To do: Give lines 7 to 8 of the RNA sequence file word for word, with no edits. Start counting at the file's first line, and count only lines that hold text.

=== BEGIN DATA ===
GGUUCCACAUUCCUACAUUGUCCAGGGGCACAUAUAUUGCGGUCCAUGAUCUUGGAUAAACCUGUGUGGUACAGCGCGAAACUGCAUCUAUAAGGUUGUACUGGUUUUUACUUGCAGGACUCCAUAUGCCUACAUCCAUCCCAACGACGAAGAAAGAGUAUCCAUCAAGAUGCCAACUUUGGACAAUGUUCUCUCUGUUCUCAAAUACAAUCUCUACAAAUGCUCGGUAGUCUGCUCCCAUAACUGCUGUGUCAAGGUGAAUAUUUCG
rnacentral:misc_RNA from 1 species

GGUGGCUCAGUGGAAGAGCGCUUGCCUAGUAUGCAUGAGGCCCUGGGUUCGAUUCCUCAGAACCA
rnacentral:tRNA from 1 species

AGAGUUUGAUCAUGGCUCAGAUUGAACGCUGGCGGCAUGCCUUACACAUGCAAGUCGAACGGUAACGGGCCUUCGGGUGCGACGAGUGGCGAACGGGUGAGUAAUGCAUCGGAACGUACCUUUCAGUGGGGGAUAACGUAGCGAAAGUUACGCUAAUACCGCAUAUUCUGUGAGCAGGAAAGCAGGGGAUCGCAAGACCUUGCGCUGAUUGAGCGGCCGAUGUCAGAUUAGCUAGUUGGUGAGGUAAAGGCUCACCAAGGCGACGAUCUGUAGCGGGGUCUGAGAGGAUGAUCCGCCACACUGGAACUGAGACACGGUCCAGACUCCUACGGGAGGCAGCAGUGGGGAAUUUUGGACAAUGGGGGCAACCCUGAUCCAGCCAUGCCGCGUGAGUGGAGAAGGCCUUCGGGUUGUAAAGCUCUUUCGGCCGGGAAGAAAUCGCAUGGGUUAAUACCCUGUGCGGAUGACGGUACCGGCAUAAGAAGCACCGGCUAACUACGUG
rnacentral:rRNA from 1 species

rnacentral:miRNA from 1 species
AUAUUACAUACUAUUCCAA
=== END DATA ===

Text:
rnacentral:miRNA from 1 species
AUAUUACAUACUAUUCCAA